A new challenge in life can seem like a daunting task. While that feeling is definitely normal,, challenges should also be viewed as something to overcome and as a tool for growth. This blog is for any parent who is signing their child up for their first exposure to the weight room and for the athlete who is about to challenge themselves in order to get better at their respective sport. Although there will be many lessons learned along the way, these five tips will certainly help shape expectations and create positive long-term physical and mental changes.

1. Success Takes Time

You don’t become faster after a few weeks of training and you don’t gain ten pounds of muscle from a few weeks of training. Goals like this take a combination of two things; time and discipline. Any athlete must be prepared to put in consistent work and effort whenever they step into the weight room. It can be frustrating to not see immediate results, but it’s important to stay patient and trust the process. Along with being consistent with your training, it’s helpful to understand that most adaptations from training take time.

2. Be Okay with Making Mistakes

In the weight room, there are countless mistakes that happen during a one-hour workout session. It is important to realize that it is normal. Failing and mistakes, however, are two different terms. A mistake is an action that is misguided while failure is a lack of success. It is important as an athlete to understand the difference. Mistakes pave the way for learning. If every exercise was completed with flawless form, where would the learning come from? There must be feedback from your coaches and yourself. You must be made aware of the mistake for you to learn how to not make that mistake again. Rather than thinking of mistakes as something bad, approach it as an opportunity to learn and become a better athlete from it.

3. Consistency is Important to Learn Early

Consistency is the name of the game when it comes to the weight room. You could have the best coach in the world, and he/she could write the best program in the world, but the inability to follow the program makes that program useless. There’s a great chance you’re going to get better if you stick to that formula. Don’t learn this lesson after 1-2 years of on and off training. Have discipline early on and you will see the results in the future. Consistency doesn’t just mean showing up either. Consistency means showing up with purpose and intent. Try and learn something new from each session. Rather than showing up and going through the motions, show up with a desire of pushing yourself to get better.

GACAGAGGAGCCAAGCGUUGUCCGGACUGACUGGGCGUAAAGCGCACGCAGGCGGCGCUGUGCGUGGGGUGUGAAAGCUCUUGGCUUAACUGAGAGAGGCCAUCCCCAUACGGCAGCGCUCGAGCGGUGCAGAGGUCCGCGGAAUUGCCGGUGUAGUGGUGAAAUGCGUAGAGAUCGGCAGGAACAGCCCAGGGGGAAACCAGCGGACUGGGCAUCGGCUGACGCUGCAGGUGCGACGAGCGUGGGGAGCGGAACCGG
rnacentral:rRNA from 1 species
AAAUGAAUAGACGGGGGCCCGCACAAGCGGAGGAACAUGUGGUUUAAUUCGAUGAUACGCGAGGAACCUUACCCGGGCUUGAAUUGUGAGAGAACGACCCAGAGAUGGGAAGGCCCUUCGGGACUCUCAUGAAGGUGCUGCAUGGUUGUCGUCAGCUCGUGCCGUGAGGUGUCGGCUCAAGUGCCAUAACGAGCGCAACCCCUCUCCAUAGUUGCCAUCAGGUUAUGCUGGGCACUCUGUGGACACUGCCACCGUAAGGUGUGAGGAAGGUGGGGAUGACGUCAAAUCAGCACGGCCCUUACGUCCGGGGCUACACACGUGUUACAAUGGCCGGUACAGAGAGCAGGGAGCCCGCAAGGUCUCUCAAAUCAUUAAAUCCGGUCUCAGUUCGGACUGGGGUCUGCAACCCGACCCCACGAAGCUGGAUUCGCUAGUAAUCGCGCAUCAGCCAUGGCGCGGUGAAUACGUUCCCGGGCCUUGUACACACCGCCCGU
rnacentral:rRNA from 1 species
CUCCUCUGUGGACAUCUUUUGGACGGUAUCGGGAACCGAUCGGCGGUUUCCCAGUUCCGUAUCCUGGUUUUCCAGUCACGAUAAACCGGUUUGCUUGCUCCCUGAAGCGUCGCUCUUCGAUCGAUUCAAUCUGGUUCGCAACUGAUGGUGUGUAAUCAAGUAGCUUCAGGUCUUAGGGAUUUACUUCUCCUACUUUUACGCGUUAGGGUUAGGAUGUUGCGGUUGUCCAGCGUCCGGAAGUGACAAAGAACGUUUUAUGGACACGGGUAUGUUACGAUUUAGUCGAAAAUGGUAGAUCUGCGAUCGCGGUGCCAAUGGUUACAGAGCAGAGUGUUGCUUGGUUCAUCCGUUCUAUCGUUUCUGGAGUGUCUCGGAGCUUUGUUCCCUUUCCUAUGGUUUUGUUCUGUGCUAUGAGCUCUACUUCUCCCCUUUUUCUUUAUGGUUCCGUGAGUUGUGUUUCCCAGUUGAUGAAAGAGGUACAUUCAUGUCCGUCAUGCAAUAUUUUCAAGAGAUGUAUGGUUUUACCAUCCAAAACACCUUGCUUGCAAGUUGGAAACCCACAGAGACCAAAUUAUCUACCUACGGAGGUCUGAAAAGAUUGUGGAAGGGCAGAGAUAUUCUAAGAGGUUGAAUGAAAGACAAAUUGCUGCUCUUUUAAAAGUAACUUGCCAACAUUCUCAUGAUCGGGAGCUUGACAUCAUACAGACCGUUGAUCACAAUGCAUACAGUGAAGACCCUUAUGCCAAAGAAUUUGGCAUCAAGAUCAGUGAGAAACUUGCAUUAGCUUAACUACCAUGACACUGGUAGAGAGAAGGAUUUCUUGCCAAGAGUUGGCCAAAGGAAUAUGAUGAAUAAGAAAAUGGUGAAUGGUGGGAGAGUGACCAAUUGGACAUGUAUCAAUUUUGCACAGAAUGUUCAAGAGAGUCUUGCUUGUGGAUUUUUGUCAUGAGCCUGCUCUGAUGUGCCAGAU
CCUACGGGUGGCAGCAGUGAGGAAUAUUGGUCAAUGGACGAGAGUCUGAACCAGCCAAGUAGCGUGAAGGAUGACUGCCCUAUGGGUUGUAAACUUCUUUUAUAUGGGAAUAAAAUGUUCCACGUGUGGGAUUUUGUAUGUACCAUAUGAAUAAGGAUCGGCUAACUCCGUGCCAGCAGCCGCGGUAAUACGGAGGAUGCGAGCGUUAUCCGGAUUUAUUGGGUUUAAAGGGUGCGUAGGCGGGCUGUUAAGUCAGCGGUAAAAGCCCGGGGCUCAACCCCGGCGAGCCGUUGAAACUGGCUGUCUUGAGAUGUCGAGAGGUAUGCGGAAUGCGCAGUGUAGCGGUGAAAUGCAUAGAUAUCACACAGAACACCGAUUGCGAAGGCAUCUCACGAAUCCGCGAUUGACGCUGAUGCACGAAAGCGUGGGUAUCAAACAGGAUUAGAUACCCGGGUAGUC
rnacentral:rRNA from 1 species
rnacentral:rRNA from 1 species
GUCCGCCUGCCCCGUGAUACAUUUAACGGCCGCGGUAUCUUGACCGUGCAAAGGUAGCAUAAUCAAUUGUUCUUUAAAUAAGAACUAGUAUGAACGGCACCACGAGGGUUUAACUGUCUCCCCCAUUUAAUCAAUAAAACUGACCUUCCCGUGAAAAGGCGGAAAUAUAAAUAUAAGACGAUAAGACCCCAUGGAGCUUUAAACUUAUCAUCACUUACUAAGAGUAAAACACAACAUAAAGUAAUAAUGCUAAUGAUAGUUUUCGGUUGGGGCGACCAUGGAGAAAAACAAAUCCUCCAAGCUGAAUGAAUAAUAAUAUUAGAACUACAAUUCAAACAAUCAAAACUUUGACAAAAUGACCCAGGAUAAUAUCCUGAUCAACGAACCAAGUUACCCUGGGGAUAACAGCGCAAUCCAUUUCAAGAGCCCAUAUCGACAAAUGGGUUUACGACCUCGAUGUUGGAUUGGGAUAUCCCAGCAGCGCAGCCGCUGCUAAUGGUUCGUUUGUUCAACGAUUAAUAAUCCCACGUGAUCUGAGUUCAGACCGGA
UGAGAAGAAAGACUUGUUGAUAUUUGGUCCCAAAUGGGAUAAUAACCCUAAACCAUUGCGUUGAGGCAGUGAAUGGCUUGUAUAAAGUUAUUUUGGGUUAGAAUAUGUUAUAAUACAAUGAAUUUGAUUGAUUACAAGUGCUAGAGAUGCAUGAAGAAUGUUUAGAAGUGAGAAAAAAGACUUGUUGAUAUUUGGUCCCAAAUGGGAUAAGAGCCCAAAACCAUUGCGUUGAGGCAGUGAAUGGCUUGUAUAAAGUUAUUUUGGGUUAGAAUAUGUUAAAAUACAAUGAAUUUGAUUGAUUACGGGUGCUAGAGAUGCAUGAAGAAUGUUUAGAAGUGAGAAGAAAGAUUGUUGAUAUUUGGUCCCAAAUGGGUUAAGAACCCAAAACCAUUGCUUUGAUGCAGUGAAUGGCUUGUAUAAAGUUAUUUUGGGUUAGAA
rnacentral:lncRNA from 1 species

4. Don’t be Afraid to Let Out Your Personality

Some characteristics that most strength and conditioning coaches see from young athletes are shyness and a fear of saying the wrong thing. We, as coaches, aspire to get to know you as much as we can so that you can feel comfortable in the weight room. As a young athlete, don’t feel like all the pressure is on you. Don’t be afraid to ask the coaches questions or get to know fellow athletes who are sharing the same space as you. We want you to enjoy your time with us and feel excited about coming back.

5. Leave the Ego Behind Before You Enter the Gym

Leave whatever notions or opinions you have about how good you are and just be prepared to work hard. Too often, athletes come in with over-inflated egos and are worried about being the smartest person in the gym or being the most athletic person in comparison to their peers. It doesn’t matter. The only thing that does matter is trying to accomplish your goals and trying to get better at your sport. Usually, the athletes who see the most results are those that consistently ask questions, work hard, and act as a novice. The athlete who thinks he or she knows it all is typically the one that stays around the same level they did once they started the training program. Have a different mentality once you step into the gym. A mentality that enforces growth and challenges your mind and body.

For more tips and tricks in-person visit your closest FAST location for a Free Fitness Assessment!

Foothills Acceleration and Sports Training (FAST) is empowered by Foothills Therapy Partners (FTP).